By the summer of 2013, Arshavin's north London odyssey was over. At its end, his return to Russia felt like a forlorn formality—the slow death of a dream finally come to pass.
To define the legacy of Arshavin's Arsenal career remains as enigmatic a proposition as the man himself. Some would have him as a genius the club failed to exploit, others as a mentally frail player whose distractions cost him the career his talent was capable of.
Eight years on from that dazzling display against Liverpool, are we closer to knowing where it all went wrong for Arshavin at Arsenal?
It was transfer deadline day, February 2, 2009, and when the snow came, London ground to a standstill. But Jon Smith had planned ahead.
The high-end football agent had flown Andrey Arshavin in from Saint Petersburg several days earlier, via a short stay in Paris, and his prized asset was now holed up in the Village Hotel in the sleepy village of Elstree, Hertfordshire.
As the deadline approached, it was widely reported Arsenal were pursuing Arshavin, though only the involved parties knew of the serendipity at play. Smith's brother had played football with the brother of Dennis Lachter, Arshavin's close friend and representative. On hearing Arsenal and Arshavin shared a mutual affection, Smith put wheels in motion.
Arshavin had been given time off by his club, the Russian league champions Zenit, during the domestic close season. His visit to Paris was publicly announced a vacation, but it was always about a potentially career-defining move. As weather warnings across Europe turned from moderate to severe, Smith gambled and flew his man into Stansted, booking a hotel just a 20-minute drive from Arsenal's training base at London Colney.
Smith was playing with fire. Arsenal manager Arsene Wenger had been given the green light to pursue Arshavin, but after month-long negotiations no agreement had been reached with Zenit. At 3 p.m. on deadline day, the two parties remained £1.2 million apart in their valuation of the player. If the Russians got wind Arshavin was in London ahead of terms being agreed, it could derail the whole deal.
As a blizzard whipped up, the south-east of England had never looked more like the wintery city then known as Leningrad (now Saint Petersburg) where Arshavin was raised. If he was shortly to be calling this place home, the omens were good.
The deal went through, just. There were seconds to go before deadline when an email reading simply "AGREED" arrived with the Football Association. Arsenal were able to confirm the £15 million arrival of one of Europe's most sought-after players—a 27-year-old playmaker in his prime—and their fans were ecstatic.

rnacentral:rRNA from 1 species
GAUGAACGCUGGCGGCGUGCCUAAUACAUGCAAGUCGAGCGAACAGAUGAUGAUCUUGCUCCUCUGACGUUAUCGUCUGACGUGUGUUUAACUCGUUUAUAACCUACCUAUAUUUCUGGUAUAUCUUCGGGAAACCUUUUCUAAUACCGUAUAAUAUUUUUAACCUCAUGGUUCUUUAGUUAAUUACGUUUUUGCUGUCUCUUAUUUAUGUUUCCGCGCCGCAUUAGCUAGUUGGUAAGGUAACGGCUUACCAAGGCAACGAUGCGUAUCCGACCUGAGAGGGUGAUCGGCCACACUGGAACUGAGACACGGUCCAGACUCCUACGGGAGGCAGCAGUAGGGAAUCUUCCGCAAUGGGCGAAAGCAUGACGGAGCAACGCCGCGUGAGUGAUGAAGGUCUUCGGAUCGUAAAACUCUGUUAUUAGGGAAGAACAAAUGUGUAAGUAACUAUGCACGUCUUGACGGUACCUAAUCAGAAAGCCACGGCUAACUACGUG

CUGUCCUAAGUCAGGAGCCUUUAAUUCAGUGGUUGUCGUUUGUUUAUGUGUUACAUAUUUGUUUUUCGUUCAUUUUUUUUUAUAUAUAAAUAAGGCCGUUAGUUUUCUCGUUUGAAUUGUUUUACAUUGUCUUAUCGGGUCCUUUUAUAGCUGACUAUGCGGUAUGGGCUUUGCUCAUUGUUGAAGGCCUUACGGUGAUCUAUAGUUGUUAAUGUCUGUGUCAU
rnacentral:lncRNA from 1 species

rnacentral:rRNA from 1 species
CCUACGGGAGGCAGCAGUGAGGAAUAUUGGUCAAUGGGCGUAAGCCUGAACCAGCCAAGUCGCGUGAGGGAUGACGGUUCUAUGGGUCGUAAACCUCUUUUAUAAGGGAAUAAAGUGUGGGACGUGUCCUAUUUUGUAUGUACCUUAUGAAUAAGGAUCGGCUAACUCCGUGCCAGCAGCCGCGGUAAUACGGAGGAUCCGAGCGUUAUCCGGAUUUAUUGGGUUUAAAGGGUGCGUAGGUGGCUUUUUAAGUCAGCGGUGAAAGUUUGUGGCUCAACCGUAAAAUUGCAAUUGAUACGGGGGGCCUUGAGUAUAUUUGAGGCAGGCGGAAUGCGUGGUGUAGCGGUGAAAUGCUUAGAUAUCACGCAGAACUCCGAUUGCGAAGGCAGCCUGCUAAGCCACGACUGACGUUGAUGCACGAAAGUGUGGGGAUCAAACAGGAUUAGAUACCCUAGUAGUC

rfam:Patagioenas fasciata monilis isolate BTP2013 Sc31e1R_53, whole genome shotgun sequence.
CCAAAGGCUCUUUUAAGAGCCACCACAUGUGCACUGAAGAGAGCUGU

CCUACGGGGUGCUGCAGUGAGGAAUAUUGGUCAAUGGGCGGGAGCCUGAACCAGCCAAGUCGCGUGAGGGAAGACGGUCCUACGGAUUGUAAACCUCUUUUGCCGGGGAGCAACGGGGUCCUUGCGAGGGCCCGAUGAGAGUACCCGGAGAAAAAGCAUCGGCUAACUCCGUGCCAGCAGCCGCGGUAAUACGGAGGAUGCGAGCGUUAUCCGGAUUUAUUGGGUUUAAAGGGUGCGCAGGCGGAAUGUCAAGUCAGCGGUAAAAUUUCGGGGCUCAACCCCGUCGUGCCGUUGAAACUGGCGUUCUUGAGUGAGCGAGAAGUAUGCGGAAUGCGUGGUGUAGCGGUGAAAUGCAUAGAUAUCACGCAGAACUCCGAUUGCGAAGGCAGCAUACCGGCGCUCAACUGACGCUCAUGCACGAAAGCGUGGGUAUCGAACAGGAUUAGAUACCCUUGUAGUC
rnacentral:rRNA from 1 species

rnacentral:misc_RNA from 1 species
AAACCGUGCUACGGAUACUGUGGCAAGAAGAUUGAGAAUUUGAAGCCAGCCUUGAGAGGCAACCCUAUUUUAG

Making such a big investment was not something Arsenal took lightly. This, after all, was a club with a reputation for deeply considered transfer activity. Especially under Wenger.
"Arsenal are very American corporate the way they approach transfers," Smith tells Bleacher Report. "The club own a stats company based in Chicago, which has an office—I always call it a warehouse—in Cambodia where they have stats on just about every player on the planet. And they like to make sure that the stats stack up. It's one of the reasons that they're a bit slower moving in the market than some.
"With Arshavin, they didn't think the valuation was correct, but they went to it. They weren't going to overly, overly pay, but they really wanted him."
As Arshavin settled into London life, his relationship with Smith grew tighter. Slowly the idiosyncrasies of a dense and unique character were revealed to his agent.
"He was very determined," Smith says. "He used to get up every morning and go and run before training. He was very focused in that way, but he also had an amazing football brain. We would often sit down, just the two of us, and just talk football. And it was fascinating listening to him."
Talk of Arshavin the model professional jars with a weight of public perception. This is a player who was chastised by fans and the media over his attitude, his physique and, towards the end of his time in England, his apparent willingness to sit on the bench and let the money roll in.
During a 2-1 defeat to Manchester United at Arsenal's Emirates Stadium in January 2012, Arshavin was greeted with a chorus of boos from the home support when he replaced Alex Oxlade-Chamberlain as a second-half substitute.
For many fans, the enigma of Arshavin has remained largely intractable. Those who feel most bitter about his time at the club are surely the hoards who fell at his feet when he first wowed them.
"The first few weeks, the first month, the first year even, he was much loved," Smith says. "Then systems change, personnel come and go, the ground got a bit soft under his feet. And I still feel sad about it, because he was a very talented player. I'm disappointed that the sensational start he made just didn't propel him into the stratosphere."
Arshavin's first Arsenal goal came in a routine 4-0 win over Blackburn Rovers at the Emirates in March 2009. He scored again in a 4-1 stroll at Wigan. But it was on that heady night at Anfield he truly marked his arrival in English football.
His virtuoso performance in a 4-4 draw against title-chasing Liverpool made Arshavin the first visiting player to score four league goals at Liverpool since Dennis Westcott for Wolverhampton Wanderers in 1946. Notably, aside from Arshavin's blitz, Liverpool conceded just nine Premier League goals at Anfield all season.